Our real factorial is when `f`

is partFactorial itself.

```
// Will not compile
// well partFactorial _ is of the type `Int => Int => Int => Int`.
// However, `partFactorial` method above accepts `Int => Int`
def factorial = partFactorial(partFactorial _)
```

Ok, let’s do a hack. We have Any in scala, and see how it goes.

```
def partFactorialv0(self: Any): Int => Int =
if (n == 0) 1 else n * self.asInstanceOf[Any => (Int => Int)](self)(n - 1)
n =>
def factorial(n: Int) = partFactorialv0(partFactorialv0 _)
// Works, factorial(3) == 6
```

Why did we do this? Well, let’s extract out our `almostFactorial`

discussed above from this implementation.

Repeating `almostFactorial`

here:

```
def almostFactorial(f: Int => Int): Int => Int =
if (n == 0) 1 else n * f(n-1)
n =>
```

```
def partFactorialv1(self: Any): Int => Int = {
val f = self.asInstanceOf[Any => (Int => Int)](self) // val f = self(self)
if (n == 0) 1 else n * f(n - 1) // almost n factorial
n =>
}
// Hmmm, almost there. But it could be written as:
def partFactorialv2(self: Any): Int => Int = {
val f = self.asInstanceOf[Any => (Int => Int)](self) // val f = self(self)
if (n == 0) 1 else n * f(n - 1) // almost n factorial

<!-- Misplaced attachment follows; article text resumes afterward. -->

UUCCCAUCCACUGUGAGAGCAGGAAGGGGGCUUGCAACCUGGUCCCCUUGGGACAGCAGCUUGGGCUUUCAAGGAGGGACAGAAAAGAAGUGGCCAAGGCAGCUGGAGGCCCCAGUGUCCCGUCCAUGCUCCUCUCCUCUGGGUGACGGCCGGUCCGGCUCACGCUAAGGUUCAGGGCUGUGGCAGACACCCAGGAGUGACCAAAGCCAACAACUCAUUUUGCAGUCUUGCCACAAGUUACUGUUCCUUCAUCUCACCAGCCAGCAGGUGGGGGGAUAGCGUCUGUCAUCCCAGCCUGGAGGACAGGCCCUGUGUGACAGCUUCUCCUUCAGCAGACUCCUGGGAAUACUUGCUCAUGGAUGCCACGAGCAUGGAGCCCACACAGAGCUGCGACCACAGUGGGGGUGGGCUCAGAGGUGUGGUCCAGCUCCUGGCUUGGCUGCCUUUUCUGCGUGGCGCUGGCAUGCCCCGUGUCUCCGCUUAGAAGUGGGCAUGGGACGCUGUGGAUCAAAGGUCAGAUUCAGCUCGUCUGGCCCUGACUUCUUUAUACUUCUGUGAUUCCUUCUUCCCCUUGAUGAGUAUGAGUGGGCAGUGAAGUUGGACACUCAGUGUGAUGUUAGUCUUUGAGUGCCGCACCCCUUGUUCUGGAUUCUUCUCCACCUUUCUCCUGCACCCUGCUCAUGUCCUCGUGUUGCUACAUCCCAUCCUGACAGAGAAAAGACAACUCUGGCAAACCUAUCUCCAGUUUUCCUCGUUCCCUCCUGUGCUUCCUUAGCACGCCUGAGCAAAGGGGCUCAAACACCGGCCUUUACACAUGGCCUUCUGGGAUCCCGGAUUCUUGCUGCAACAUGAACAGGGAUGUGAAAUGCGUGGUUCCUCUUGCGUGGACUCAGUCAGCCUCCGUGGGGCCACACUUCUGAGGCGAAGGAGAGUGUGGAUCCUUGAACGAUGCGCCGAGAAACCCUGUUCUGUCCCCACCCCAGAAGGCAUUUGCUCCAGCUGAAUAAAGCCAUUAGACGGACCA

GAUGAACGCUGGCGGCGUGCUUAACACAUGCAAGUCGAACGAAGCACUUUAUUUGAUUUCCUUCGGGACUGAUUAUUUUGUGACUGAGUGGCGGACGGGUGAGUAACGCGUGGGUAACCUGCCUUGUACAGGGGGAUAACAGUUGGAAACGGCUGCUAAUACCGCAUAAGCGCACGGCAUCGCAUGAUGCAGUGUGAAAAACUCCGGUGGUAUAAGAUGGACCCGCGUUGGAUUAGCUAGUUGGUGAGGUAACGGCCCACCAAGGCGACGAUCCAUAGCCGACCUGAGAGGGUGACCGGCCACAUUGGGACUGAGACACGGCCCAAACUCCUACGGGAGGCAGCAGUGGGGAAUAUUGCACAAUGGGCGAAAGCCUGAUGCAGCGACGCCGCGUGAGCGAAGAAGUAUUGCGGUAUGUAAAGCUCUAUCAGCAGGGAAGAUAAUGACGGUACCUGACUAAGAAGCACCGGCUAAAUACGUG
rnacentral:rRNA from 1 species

n =>
}
def partFactorialv3(self: Any): Int => Int = {
val selfSelf = self.asInstanceOf[Any => (Int => Int)](self) // val f = self(self)
almostFactorial(selfSelf) // almost n factorial
}
// stack safety issues come into picture here, hence factorialV3(4) will not work
def factorialV3 = partFactorialv3(partFactorialv3 _)
```

Sure, we kind of extracted/reused almostFactorial in our latest implementations. You might be wondering why we are we doing this long loop of refactoring. I agree, but I request you to keep your patience and read on.

All our implementations of factorial is `partFactorial*(partFactorial* _)`

. Let’s get rid of it and try having only one single function called `factorial`

. That means `partFactorial`

implementation will become part of the `factorial`

itself.

```
// This was our partFactorial
def partFactorialv4: Any => (Int => Int) = {
almostFactorial(self.asInstanceOf[Any => (Int => Int)](self)) // almostFactorial self self
(self: Any) =>
}
// Moved inside our factorial implementation now.
def factorialV4: Int => Int = {
val partFactorial =
almostFactorial(self.asInstanceOf[Any => (Int => Int)](self)) // almostFactorial self self